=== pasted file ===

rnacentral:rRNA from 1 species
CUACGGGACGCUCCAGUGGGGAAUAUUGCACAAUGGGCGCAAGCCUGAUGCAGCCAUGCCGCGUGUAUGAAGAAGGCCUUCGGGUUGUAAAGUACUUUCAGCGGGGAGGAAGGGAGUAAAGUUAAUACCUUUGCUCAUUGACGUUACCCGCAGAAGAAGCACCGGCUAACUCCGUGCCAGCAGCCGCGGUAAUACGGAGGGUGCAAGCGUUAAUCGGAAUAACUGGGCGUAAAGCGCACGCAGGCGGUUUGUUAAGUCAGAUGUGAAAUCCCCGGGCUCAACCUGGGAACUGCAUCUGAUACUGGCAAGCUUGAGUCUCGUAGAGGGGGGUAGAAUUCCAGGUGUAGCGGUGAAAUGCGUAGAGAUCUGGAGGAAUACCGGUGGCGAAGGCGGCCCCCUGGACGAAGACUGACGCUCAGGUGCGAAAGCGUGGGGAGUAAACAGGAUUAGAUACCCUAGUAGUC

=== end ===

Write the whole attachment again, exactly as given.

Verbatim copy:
rnacentral:rRNA from 1 species
CUACGGGACGCUCCAGUGGGGAAUAUUGCACAAUGGGCGCAAGCCUGAUGCAGCCAUGCCGCGUGUAUGAAGAAGGCCUUCGGGUUGUAAAGUACUUUCAGCGGGGAGGAAGGGAGUAAAGUUAAUACCUUUGCUCAUUGACGUUACCCGCAGAAGAAGCACCGGCUAACUCCGUGCCAGCAGCCGCGGUAAUACGGAGGGUGCAAGCGUUAAUCGGAAUAACUGGGCGUAAAGCGCACGCAGGCGGUUUGUUAAGUCAGAUGUGAAAUCCCCGGGCUCAACCUGGGAACUGCAUCUGAUACUGGCAAGCUUGAGUCUCGUAGAGGGGGGUAGAAUUCCAGGUGUAGCGGUGAAAUGCGUAGAGAUCUGGAGGAAUACCGGUGGCGAAGGCGGCCCCCUGGACGAAGACUGACGCUCAGGUGCGAAAGCGUGGGGAGUAAACAGGAUUAGAUACCCUAGUAGUC